AI to workflow, breast imaging makes advances

AI to workflow, breast imaging makes advances

by Lisa Chamoff, Contributing Reporter | July 09, 2018
Women's Health
From the July 2018 issue of HealthCare Business News magazine


Koning Corporation
Koning KBCT V1.5
Koning Corporation’s Koning Breast CT (KBCT) system was FDA approved in 2015; a redesign reducing the footprint and room size, with input power similar to that of a conventional mammography system, got an FDA nod last November.

The Koning KBCT system removes painful breast compression and is a multi-application device FDA-cleared for both the diagnostic workup as well as a 3D guided biopsy, said David Georges, president of the company’s USA division. It fits into a 10-foot-by-14-foot room, which is similar to rooms designed for stereotactic biopsy.

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“Prior to the redesign, the KBCT required the same installation space and input power as a full-body CT,” Georges said. “Doctors could actually proceed right to the 3D guided biopsy after the diagnostic workup if that’s what they choose to do.”

The company claims that with breast compression eliminated, the exam is much more comfortable for the patient.

“We’ve not had a woman out of the thousands of patients we’ve imaged say they’d prefer a mammogram,” Georges said.

With floor space a premium in most facilities, the ability to perform the diagnostic workup and a biopsy in the same room delivers new efficiencies in breast imaging, Georges said.

The technology is based on isotropic imaging of the breast and uses a mammographic X-ray tube and detector to gather true 3D volumetric images in under 10 seconds.

“It means we can visualize areas of interest from any angle equally,” Georges said. “Conventional linear tomography of the breast is a limited sweep angle acquisition and not the way we look at the head, chest and abdomen with whole body CT imaging. Breast tomosynthesis is pseudo 3D, whereas Koning is introducing true volumetric 3D of the breast.

“What physicians are telling us [is that] they finally have images that are free from distortion from compression,” Georges said. “Tissue is free from overlapping structures, a known cause of missed cancers in mammography. Until you separate structures, you will never have a clear view of what is cancer and what is not cancer.”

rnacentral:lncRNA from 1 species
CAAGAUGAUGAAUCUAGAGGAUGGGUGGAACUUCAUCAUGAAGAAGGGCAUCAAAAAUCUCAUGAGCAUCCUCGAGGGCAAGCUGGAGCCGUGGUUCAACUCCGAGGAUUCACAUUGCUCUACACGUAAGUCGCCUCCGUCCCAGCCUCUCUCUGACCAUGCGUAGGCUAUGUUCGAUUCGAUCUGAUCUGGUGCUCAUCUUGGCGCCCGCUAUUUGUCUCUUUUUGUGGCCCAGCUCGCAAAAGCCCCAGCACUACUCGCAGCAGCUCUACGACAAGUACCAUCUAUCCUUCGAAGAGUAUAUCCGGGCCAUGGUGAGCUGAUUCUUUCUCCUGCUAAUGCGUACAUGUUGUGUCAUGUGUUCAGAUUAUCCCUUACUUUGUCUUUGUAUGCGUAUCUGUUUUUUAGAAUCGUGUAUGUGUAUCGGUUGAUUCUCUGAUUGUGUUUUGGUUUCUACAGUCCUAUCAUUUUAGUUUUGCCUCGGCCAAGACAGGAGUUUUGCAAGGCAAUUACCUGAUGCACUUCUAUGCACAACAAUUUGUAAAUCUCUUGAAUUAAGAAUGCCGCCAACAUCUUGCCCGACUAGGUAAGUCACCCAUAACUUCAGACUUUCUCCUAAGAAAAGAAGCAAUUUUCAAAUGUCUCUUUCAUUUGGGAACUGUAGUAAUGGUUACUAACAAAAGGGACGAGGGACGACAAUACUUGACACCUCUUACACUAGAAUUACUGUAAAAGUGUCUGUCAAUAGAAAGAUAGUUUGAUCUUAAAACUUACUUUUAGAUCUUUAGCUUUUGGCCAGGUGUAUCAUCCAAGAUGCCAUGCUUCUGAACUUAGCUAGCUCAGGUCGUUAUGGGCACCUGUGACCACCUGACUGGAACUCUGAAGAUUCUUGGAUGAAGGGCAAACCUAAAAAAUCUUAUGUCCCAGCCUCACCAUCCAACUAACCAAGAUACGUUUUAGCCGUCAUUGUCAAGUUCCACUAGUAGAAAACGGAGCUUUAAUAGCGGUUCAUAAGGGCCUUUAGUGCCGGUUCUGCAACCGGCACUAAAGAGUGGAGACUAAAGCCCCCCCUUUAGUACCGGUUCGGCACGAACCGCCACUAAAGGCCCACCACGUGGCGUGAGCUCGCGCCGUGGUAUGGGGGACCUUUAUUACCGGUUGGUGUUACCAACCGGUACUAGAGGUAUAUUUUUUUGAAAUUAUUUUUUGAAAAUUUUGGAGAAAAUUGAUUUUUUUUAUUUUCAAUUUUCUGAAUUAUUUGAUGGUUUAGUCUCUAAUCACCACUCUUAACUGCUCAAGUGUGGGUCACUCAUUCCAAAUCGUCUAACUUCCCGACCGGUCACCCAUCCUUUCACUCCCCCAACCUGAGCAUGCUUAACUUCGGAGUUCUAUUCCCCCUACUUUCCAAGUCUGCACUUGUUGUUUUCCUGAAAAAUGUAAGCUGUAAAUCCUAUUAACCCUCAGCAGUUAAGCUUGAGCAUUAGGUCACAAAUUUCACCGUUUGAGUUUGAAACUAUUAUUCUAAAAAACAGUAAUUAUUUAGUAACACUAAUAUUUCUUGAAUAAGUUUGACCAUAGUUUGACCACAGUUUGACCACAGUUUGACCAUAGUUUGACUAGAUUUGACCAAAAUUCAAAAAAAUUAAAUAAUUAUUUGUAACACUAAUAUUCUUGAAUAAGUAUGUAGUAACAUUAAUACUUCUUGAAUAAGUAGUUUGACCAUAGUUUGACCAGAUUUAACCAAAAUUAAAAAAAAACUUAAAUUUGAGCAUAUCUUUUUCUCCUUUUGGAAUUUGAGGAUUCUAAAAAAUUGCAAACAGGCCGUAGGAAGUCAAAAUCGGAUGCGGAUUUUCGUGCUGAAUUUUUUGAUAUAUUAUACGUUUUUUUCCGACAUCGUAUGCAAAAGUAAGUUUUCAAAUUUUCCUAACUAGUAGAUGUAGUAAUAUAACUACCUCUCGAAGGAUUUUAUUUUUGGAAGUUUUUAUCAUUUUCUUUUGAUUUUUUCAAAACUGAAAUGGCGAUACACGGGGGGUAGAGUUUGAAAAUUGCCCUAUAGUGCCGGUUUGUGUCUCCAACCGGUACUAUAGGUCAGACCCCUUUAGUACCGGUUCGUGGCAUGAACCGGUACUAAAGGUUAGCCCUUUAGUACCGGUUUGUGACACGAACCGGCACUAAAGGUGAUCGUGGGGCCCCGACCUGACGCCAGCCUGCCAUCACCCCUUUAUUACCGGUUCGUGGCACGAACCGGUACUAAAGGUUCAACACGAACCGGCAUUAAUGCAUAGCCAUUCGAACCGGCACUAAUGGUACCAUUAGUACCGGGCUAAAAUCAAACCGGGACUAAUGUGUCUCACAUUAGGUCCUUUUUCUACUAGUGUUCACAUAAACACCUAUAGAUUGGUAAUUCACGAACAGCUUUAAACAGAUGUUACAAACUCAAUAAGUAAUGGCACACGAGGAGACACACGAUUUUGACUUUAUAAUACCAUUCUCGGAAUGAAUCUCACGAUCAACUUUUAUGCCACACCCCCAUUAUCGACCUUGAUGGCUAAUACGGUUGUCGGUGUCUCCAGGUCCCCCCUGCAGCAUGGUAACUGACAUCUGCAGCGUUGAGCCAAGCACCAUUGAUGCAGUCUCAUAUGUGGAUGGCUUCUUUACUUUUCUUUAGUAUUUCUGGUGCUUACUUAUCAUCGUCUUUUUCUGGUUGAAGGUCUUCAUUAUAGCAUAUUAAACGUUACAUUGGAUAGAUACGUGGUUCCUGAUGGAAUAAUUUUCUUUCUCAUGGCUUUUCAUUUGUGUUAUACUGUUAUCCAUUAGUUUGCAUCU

Georges said the dose is in the same range as dose from a diagnostic mammogram and equal to or less than digital breast tomosynthesis for a diagnostic workup. As with all imaging, dose is dependent on the size and thickness of the breast.

“The next challenge for us is to design a smaller device that will deliver low-dose screening exams integrating our true isotropic 3D acquisition process to obtain clear unobstructed images of early stage breast cancers before they spread,” Georges said. “We’re very close to achieving this goal.”

The company has 12 installations, two of which are the new design — one in Knoxville, Tennessee and one in Bangkok, Thailand.

There is currently a study of contrast-enhanced breast CT at the University of Rochester, where research for the device originally began. “Similar to whole body CT with and without contrast, we anticipate significant advantages by applying contrast-enhanced breast CT imaging where applicable,” Georges said.

Kubtec
Kubtec MOZART
Kubtec’s MOZART System, an intraoperative tomosynthesis scanner designed to be used during lumpectomies, received an upgrade recently with the implementation of voice control and augmented intelligence.

The voice control feature allows surgeons to operate the system using simple commands — generated by focus groups of surgeons — without breaking the sterile field.

“They can give commands to the instrument itself,” said John Leach, vice president of marketing for Kubtec. "They can run any 3-D scans, zooms or highlight areas of interest."

Surgeons have said they appreciate the fact that they don’t have to break scrub or direct OR staff to use the machine.

“It doesn’t talk back,” Leach joked.

The new augmented intelligence automatically identifies the lesion in the image and can show the surgeon whether they’ve removed the entire tumor.

The features are available as a separate package for the MOZART called the AI package, released in May at the American Society of Breast Surgeons annual meeting in Orlando. It is also packaged with new systems.

"We believe the space used in the OR is too valuable to be used to produce just an image,” Leach said. “Our focus is on enhancing the physician's ability to get the information they need from the image in order to make rapid, informed intraoperative decisions that benefit patient outcomes.”

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